Cookies Recipe Oatmeal Raisin! These are the greatest soft and chewy oatmeal raisin cookies, soft and chewy with that signature handmade flavor. This dish wins for flavor and texture thanks to brown sugar, vanilla, cinnamon, chewy oats, delicious raisins, and a hidden ingredient. These quick oatmeal raisin cookies will be a hit with your family!
In this world, there are two kinds of individuals. There are raisin haters and raisin lovers. I belong to the latter group. My favorite dessert, aside from handmade apple pie, is oatmeal raisin cookies. The chewy texture, soft centers, juicy raisins, and cinnamon taste are all really amazing. Please tell me I’m not the only one that likes raisins!! Cookies Recipe Oatmeal Raisin
What Makes These Oatmeal Raisin Cookies So Delicious?
The competition is fierce, but here’s why you’ll like these cookies.
- Centers that are moist and sensitive
- The edges are a little sharp.
- Brown sugar-sweetened
- Contains a lot of oats
- dotted with raisins
- Spiced with cinnamon
- Buttery taste
- 30 minutes of relaxation
Oatmeal Raisin Cookies Ingredients
The ingredients for oatmeal raisin cookies are pretty simple. Cookies Recipe Oatmeal Raisin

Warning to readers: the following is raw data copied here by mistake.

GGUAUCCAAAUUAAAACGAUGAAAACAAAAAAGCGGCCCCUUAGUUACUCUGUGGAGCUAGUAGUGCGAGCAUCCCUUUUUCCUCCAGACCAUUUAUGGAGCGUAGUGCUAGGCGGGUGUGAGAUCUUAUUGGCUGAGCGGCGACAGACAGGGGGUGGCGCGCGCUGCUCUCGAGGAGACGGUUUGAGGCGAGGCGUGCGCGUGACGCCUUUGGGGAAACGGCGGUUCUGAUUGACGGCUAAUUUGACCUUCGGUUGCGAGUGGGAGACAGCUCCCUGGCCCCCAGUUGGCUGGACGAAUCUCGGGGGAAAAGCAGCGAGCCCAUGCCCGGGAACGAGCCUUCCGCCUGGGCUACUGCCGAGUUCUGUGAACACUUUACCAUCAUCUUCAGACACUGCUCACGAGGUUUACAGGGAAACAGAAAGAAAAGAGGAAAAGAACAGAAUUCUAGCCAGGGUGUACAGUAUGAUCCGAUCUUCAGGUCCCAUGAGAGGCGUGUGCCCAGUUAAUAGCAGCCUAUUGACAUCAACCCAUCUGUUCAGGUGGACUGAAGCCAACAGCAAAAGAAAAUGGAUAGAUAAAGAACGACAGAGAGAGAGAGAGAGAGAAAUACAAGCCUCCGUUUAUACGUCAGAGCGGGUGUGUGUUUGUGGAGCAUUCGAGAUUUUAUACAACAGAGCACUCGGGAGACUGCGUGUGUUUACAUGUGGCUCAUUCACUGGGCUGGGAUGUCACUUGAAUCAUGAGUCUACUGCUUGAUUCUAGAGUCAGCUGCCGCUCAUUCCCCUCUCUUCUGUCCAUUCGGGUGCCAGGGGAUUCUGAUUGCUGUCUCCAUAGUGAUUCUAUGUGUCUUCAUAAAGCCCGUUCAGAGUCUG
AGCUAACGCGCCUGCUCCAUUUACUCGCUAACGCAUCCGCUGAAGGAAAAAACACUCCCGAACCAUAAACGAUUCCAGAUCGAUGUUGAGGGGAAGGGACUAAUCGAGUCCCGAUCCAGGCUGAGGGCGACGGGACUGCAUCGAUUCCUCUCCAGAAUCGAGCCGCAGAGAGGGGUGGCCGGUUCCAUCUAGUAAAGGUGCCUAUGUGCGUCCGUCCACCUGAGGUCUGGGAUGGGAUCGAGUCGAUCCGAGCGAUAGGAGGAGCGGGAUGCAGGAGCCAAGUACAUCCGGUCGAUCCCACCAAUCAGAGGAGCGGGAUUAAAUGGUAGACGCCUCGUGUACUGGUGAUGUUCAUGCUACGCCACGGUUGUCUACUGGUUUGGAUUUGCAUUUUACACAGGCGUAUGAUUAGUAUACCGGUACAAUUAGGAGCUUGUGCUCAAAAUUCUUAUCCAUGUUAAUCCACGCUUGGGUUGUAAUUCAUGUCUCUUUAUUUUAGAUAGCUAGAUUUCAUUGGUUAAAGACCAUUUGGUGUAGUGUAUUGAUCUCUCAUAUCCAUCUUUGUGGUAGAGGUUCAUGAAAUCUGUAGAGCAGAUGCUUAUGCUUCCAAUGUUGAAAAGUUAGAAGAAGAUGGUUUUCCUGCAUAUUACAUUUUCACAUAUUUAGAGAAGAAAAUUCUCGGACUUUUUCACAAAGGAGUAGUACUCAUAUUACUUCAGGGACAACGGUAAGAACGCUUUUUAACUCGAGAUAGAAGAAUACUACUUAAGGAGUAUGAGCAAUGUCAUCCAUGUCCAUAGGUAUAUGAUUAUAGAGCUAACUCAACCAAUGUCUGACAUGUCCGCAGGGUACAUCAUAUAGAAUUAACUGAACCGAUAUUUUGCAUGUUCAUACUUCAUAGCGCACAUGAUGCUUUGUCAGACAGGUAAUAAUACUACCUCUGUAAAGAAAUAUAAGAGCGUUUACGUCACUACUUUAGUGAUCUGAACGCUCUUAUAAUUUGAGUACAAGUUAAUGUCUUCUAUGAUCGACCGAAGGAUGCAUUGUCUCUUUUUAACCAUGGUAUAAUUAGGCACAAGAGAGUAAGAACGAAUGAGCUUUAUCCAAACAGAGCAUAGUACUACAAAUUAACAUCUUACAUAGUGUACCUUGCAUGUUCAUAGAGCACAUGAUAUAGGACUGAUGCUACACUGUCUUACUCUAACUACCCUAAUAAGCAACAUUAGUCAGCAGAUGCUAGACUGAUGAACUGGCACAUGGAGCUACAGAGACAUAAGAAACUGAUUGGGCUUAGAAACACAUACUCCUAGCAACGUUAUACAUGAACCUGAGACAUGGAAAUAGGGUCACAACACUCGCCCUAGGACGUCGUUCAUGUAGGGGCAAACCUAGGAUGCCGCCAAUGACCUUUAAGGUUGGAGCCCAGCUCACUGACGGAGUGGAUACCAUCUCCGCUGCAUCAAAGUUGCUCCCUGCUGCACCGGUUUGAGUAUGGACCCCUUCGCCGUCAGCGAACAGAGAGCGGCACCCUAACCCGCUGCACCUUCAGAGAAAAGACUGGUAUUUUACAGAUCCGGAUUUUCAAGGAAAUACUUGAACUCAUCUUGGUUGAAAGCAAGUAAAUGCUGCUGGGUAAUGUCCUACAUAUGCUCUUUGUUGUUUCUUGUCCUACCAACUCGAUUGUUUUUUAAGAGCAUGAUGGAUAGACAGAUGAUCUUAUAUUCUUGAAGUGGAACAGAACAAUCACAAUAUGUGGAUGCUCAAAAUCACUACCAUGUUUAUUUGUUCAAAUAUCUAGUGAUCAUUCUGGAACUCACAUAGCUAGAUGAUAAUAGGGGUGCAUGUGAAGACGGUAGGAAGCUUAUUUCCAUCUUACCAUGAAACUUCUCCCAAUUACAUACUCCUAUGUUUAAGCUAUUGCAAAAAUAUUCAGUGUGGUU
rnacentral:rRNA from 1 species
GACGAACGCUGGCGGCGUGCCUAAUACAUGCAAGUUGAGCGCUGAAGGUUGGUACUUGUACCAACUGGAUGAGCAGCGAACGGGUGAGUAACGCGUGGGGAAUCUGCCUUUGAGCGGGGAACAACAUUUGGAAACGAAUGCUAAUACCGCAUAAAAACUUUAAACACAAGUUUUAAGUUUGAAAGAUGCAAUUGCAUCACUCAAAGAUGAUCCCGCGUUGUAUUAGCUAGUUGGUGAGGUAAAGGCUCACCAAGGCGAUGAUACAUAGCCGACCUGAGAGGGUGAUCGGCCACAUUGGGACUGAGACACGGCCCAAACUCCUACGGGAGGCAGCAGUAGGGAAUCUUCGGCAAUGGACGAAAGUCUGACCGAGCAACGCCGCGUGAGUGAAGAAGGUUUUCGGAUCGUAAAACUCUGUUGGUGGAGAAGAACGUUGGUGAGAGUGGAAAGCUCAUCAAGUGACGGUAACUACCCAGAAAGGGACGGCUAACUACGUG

- Butter: The foundation of any wonderful cookie recipe is butter. Make sure the butter is at room temperature.
- Brown Sugar + Granulated Sugar: Sugar is utilized for more than just sweetness; it also provides structure and suppleness. I prefer brown sugar to white sugar because (1) it has more taste than white sugar and (2) it has more moisture than white sugar, resulting in a softer cookie.
- Eggs: Eggs aid in the bonding of everything. This dish calls for two eggs.
- Both pure vanilla extract and salt provide taste.
- Cinnamon: Raisins, oats, and cinnamon are a taste combination that works well.
- Baking Soda: Baking soda aids in the rising of the cookies.
- Molasses: My secret ingredient is molasses! 1 tsp amplifies all of the great flavors in these buttery, cinnamon-sweet oatmeal raisin cookies.